“Now the times of plenty, the days of wine and roses, are over,” Carey declared in what remains the trademark line of his eight years in office.
What followed was an emergency financial control board for New York City, formed to take the necessary steps that allowed the nation’s biggest metropolis to once again gain access to the credit markets from its overzealous spending had made it persona non grata.
It was not an easy task.
“Carey was among the first in the party nationally to emphasize that there were limits to what state governments could do to improve peoples’ lives,” the authors write. “Though they were soon echoed by Democrats, Republicans and independents running for political office all over the country, at the time Carey pronounced them his words sounded unfamiliar and dissonant, especially to liberals in his party, who identified them with conservatives, bankers and a chamber of commerce mentality.”
There will always be arguments over the governor’s choices. Some still say letting the City of New York default was the best course — that a start from scratch was necessary. Those critics also say Carey pandered to municipal unions to gain their cooperation in meeting the crisis, all leading to the problems that make New York so unique today.
But Carey insisted then and now that letting New York City default would have eventually led to default for all of New York State. And as the financial capital of the world, he insisted those shock waves could have engulfed the planet.
The authors concentrate on the rest of his tenure too, recalling that his closure and cleanup of the infamous mental facility at Willowbrook on Staten Island ranks in Carey’s own estimation as his greatest accomplishment.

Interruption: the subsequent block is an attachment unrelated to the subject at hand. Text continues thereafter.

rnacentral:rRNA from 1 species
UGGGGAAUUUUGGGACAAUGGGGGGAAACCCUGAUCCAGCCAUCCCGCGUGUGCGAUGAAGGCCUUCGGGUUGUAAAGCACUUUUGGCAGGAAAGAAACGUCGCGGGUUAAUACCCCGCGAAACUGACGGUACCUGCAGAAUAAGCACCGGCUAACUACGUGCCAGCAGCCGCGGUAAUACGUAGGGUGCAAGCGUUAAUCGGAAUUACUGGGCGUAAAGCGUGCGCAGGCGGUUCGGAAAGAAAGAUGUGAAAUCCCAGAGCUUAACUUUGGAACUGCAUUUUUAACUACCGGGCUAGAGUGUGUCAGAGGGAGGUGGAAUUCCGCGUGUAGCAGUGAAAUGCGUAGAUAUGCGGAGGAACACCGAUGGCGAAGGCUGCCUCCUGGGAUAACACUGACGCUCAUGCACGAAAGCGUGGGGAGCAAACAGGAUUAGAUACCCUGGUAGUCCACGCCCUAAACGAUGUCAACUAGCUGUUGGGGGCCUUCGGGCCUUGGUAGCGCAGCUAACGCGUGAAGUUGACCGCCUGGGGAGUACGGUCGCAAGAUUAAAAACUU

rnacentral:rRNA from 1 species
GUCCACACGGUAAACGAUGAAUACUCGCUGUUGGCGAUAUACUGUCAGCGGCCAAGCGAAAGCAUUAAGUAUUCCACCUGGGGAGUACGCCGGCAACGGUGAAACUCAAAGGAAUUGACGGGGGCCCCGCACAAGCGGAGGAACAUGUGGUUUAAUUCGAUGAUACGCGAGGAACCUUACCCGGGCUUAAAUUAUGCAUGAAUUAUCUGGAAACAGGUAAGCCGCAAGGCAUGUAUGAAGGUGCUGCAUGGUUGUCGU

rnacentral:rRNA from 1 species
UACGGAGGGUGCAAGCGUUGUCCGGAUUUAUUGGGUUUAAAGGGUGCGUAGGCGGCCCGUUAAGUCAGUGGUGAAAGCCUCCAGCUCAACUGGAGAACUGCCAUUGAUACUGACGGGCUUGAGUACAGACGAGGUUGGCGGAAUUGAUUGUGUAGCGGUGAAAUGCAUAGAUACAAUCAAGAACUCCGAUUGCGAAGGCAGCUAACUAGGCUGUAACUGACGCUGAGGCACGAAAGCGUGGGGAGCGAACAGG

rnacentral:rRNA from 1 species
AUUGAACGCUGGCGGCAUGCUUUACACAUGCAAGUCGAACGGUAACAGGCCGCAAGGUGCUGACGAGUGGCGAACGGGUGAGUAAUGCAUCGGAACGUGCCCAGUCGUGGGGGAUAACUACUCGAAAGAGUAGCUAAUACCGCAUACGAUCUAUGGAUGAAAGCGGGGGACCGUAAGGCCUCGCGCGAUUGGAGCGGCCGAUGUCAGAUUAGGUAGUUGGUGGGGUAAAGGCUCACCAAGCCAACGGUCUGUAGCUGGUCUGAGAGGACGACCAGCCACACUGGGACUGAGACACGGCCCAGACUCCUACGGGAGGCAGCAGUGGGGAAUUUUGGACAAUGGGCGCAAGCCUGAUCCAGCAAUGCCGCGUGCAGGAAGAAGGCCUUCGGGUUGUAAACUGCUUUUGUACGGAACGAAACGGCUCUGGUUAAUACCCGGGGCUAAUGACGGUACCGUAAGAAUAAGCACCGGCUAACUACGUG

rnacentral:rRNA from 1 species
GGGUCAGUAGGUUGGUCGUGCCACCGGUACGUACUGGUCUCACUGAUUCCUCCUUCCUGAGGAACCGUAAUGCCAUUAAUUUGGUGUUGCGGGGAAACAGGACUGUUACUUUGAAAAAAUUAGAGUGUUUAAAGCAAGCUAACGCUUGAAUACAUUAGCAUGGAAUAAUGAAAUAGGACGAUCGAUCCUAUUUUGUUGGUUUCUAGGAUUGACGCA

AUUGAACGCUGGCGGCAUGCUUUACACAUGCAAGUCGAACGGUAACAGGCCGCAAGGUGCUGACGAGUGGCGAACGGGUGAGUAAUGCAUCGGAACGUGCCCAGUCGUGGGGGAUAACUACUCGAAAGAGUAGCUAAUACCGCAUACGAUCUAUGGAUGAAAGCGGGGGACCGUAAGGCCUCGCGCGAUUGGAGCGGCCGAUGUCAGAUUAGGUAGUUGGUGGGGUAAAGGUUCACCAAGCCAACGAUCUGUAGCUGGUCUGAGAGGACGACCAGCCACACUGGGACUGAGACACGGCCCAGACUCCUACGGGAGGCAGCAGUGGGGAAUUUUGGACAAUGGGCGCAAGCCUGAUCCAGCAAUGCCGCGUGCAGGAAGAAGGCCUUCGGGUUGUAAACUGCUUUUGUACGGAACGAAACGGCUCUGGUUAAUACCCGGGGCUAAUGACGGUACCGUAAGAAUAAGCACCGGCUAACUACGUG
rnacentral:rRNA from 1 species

“While Carey realized,” the authors wrote, “that people one day probably would remember him for having organized the rescue of New York City during the 1975 fiscal crisis, the one deed of which he was proudest was what he did when faced with the national shame that was Willowbrook.”
The book gets mired in the intricacies of municipal finance, and that can be distracting. It could also be argued it concentrates too much on New York City and ignores upstate, recalling that old New Yorker magazine cover that reflects the city’s view of the world as pretty much concentrated on the island of Manhattan.
The authors nicely capture the Irish experience in New York City, in politics and in the Catholicism that has always been a part of Carey’s long life. While his family life provides some of the book’s most poignant moments (such as the death of two of his sons in a 1969 auto crash on Shelter Island), the reader craves for more stories about one of the most colorful families to ever inhabit the Governor’s Mansion.
His 1981 marriage and almost immediate annulment to Chicago heiress Evangeline Gouletas, for example, are dismissed in a sentence. And though the authors refer to Carey’s “personal opposition” to abortion, they forget he told The Buffalo News in 1990 that his support of abortion rights as governor stood as a major point of shame—what he called a triumph of political expediency over his conscience.
But that’s a minor point in an otherwise superb effort. Lachman and Polner have painted a vivid picture of a colorful figure in New York history, whose actions in the face of fiscal crisis may never be more relevant.